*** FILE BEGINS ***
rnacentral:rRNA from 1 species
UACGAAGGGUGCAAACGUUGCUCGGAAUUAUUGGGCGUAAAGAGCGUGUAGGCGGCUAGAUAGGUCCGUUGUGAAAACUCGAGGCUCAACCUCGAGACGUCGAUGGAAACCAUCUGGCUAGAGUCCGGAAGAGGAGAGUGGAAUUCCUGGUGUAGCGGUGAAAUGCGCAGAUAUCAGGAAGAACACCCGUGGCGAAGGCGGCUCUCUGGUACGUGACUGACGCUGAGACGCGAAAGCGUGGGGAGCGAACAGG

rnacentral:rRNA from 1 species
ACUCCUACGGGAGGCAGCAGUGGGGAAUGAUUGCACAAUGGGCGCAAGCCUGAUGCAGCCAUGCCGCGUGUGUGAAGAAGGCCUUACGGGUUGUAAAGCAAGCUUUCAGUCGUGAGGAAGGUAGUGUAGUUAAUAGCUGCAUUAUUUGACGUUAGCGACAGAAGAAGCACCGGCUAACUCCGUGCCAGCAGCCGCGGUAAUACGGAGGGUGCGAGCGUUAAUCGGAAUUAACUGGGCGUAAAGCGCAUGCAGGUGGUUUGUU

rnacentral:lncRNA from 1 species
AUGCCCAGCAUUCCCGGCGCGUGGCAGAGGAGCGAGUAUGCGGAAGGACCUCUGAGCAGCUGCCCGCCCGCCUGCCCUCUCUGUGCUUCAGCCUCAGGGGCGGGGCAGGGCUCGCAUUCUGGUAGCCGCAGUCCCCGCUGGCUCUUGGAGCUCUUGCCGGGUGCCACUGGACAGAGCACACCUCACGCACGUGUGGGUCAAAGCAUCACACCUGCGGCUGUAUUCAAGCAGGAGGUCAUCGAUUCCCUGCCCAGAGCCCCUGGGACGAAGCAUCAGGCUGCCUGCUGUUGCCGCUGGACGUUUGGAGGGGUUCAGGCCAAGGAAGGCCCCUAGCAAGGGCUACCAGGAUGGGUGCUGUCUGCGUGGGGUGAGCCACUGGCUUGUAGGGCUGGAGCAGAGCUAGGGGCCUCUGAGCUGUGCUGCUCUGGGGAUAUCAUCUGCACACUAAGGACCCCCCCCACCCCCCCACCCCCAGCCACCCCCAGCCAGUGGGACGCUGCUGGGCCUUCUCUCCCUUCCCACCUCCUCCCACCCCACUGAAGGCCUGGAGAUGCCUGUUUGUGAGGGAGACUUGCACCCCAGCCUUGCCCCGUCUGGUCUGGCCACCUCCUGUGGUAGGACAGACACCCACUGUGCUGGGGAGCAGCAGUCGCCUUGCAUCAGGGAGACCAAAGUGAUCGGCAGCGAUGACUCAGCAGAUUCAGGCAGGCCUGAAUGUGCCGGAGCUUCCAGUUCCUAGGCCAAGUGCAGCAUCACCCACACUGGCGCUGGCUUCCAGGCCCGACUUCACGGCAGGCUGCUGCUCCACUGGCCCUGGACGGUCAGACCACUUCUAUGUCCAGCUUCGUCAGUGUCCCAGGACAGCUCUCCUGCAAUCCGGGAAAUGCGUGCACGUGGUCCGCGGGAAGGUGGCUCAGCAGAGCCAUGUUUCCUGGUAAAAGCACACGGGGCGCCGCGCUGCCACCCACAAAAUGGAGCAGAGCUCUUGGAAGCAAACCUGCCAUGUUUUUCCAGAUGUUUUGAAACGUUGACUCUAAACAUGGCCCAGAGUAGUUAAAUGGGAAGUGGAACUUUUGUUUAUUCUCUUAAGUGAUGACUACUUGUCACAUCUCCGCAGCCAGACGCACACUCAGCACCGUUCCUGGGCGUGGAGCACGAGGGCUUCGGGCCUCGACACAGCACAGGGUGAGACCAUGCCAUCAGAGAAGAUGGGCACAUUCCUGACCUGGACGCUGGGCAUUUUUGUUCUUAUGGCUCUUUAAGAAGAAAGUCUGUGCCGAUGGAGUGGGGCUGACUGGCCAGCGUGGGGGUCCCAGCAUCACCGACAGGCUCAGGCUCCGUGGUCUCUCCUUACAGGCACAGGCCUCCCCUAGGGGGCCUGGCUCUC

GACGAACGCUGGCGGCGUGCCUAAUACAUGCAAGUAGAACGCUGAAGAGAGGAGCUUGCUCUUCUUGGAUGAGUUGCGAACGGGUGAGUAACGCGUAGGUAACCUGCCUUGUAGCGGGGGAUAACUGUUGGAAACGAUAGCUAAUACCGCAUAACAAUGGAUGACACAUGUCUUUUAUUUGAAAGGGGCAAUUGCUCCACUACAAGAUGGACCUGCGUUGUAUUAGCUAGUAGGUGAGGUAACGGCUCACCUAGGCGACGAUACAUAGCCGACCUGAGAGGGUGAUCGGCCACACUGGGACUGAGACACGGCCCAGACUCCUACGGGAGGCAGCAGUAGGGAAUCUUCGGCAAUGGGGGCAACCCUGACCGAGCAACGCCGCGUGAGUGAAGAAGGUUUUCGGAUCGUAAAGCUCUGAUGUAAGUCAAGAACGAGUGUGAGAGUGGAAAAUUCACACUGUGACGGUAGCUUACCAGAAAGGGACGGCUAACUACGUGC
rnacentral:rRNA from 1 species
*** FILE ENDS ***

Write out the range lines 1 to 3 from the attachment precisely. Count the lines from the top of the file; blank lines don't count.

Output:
rnacentral:rRNA from 1 species
UACGAAGGGUGCAAACGUUGCUCGGAAUUAUUGGGCGUAAAGAGCGUGUAGGCGGCUAGAUAGGUCCGUUGUGAAAACUCGAGGCUCAACCUCGAGACGUCGAUGGAAACCAUCUGGCUAGAGUCCGGAAGAGGAGAGUGGAAUUCCUGGUGUAGCGGUGAAAUGCGCAGAUAUCAGGAAGAACACCCGUGGCGAAGGCGGCUCUCUGGUACGUGACUGACGCUGAGACGCGAAAGCGUGGGGAGCGAACAGG

rnacentral:rRNA from 1 species